Driving Under the Influence – DUI OVI Accusations
Ohio DUI OVI laws prohibit anyone from operating a vehicle anywhere in the state if they are under the influence or above the prohibited limits.
“Operate” means to cause or have caused movement of a vehicle on any public or private property used by the public for purposes of vehicular travel or parking. Ohio’s DUI OVI law applies anywhere “within this state”, not just on the roads.
When a driver is accused of violating Ohio DUI OVI law, they are typically charged with two violations:
First, they are charged with being “under the influence”. This particular charge requires the prosecution to prove that the driver’s ability to operate the vehicle was impaired, to a noticeable degree, by alcohol and/or drugs. “Drugs” includes prescription medication as well as illegal substances.
Second, if the driver took a breath, blood or urine test and the test results indicated a prohibited level (of either alcohol or drugs) then the person is typically charged with another Ohio DUI OVI violation: Operating with a prohibited level of alcohol and/or drugs.
An Ohio DUI OVI charge carries severe penalties. Many of these are mandatory, while others are optional. Some judges have their own set of “mandatory” penalties, which include a variety of sentencing options from the “optional penalties” list below.
Administrative License Suspension (A.L.S.)
- If your breath, blood or urine test is over the legal limit, or you refused the test, the officer will take your driver’s license on the spot and place you under an Administrative License Suspension. The form provided to you by the officer indicates the action taken.
- The A.L.S. lasts for a period of 90 days to 5 years, depending on previous offenses or refusals.
- There is a “hard-time” waiting period with absolutely no driving privileges whatsoever. This period lasts at least 15 days or more depending on previous offenses or refusals.
- Some judges will allow a “stay” of the A.L.S., which effectively puts the A.L.S. “on hold” until a later date. Many courts will not allow a stay of the A.L.S. Some judges will require it to be filed in writing or by an attorney.
- The A.L.S. is independent of the Ohio DUI OVI charge itself, which usually carries a longer, mandatory license suspension. Even if you overcome the DUI OVI charge, the A.L.S. remains in most cases.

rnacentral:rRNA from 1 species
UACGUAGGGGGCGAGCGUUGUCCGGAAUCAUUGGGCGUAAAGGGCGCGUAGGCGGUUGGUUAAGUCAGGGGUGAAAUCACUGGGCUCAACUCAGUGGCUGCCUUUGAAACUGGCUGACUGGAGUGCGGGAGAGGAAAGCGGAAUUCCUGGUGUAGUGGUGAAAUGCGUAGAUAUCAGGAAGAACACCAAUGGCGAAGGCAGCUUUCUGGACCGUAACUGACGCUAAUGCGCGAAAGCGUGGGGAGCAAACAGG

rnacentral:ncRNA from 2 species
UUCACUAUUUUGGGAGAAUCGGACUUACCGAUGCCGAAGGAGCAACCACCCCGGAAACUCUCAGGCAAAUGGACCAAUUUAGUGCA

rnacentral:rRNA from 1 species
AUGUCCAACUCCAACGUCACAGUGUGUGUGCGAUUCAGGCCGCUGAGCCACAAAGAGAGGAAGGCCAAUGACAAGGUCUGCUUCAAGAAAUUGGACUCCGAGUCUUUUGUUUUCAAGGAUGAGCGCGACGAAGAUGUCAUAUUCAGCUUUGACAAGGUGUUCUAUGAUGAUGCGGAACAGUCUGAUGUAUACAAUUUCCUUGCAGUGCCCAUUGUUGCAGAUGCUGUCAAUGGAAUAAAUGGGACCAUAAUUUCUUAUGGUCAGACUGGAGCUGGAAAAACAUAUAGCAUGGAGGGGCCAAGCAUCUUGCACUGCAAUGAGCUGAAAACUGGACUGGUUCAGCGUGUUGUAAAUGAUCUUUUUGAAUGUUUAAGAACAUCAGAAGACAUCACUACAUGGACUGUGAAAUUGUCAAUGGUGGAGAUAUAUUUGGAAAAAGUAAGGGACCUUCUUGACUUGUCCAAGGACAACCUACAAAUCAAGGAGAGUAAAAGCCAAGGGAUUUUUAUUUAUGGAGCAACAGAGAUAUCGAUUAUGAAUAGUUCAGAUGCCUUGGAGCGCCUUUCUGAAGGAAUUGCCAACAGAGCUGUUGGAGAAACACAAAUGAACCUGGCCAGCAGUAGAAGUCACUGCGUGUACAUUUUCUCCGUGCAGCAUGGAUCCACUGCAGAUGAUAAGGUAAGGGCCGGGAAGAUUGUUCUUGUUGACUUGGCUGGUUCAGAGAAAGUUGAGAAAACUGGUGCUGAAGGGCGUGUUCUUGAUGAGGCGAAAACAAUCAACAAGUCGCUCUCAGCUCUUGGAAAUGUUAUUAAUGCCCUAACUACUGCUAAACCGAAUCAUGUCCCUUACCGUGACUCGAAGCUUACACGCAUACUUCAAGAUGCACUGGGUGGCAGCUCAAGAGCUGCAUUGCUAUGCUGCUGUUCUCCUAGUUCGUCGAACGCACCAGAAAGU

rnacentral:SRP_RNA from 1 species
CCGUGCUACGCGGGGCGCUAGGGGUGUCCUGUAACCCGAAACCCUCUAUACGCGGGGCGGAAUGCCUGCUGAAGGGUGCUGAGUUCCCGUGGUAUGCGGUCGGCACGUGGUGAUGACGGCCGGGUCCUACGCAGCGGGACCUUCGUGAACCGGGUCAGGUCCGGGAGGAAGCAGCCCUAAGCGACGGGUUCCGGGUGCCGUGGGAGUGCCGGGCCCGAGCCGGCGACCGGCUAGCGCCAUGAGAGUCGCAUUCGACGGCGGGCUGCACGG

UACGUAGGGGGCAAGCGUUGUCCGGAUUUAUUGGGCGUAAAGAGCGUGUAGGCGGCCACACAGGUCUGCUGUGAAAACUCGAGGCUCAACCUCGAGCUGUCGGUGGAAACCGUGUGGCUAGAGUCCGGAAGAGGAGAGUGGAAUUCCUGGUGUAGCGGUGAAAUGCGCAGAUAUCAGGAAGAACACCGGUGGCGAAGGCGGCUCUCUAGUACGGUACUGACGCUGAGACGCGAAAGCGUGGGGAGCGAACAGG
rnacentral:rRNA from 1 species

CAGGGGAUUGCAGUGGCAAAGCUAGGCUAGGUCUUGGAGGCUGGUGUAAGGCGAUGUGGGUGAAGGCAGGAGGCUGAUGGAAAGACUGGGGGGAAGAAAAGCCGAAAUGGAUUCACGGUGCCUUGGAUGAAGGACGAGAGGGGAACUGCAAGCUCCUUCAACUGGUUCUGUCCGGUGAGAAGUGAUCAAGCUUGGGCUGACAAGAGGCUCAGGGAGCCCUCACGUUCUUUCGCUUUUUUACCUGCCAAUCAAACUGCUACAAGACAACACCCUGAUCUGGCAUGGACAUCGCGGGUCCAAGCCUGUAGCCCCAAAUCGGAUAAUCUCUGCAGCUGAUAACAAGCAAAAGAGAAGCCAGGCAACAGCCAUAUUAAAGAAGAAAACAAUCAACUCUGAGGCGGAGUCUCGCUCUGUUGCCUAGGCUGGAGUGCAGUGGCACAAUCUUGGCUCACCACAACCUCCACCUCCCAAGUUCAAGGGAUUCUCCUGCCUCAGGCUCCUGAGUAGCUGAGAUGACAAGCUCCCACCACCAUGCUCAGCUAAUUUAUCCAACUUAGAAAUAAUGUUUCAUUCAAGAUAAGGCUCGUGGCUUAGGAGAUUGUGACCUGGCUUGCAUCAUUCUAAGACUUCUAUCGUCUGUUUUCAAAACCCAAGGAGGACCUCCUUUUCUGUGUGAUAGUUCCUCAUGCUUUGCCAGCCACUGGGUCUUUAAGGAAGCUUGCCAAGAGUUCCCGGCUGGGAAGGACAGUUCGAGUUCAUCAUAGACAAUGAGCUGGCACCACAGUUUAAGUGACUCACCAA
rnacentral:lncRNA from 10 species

- At the end of the A.L.S., you must pay a $475.00 reinstatement fee to the B.M.V. to get your driver’s license back. Otherwise, you will continue to be suspended indefinitely.
- Jail – A minimum of 72 consecutive hours in jail or a driver’s intervention program (Ohio DUI OVI school).
- Fine – A minimum of $375 plus court costs.
- Court License Suspension – A minimum of six months, with limited
- privileges only after the “hard time” waiting period.
- A “high-end” test, or a refusal with a prior in the previous 20 years, doubles the mandatory jail time to six days jail (or three days jail and three days in the driver’s intervention program). It also makes the restricted plates mandatory.
- Jail – A minimum or ten consecutive days.
- Fine – A minimum of $525 plus court costs.
- Court License Suspension – A minimum of one year with a
- minimum “hard time” period with no driving privileges for thirty days.
- Mandatory restricted license plates (yellow with red numbers).
- Mandatory 90 days immobilization of the vehicle used if titled to the defendant when the offense was committed.
- A “high-end” test, or a refusal with a prior in the previous 20 years, doubles the mandatory jail time to twenty days.
- Jail – A minimum of 30 consecutive days.
- Fine – A minimum of $850 plus court costs.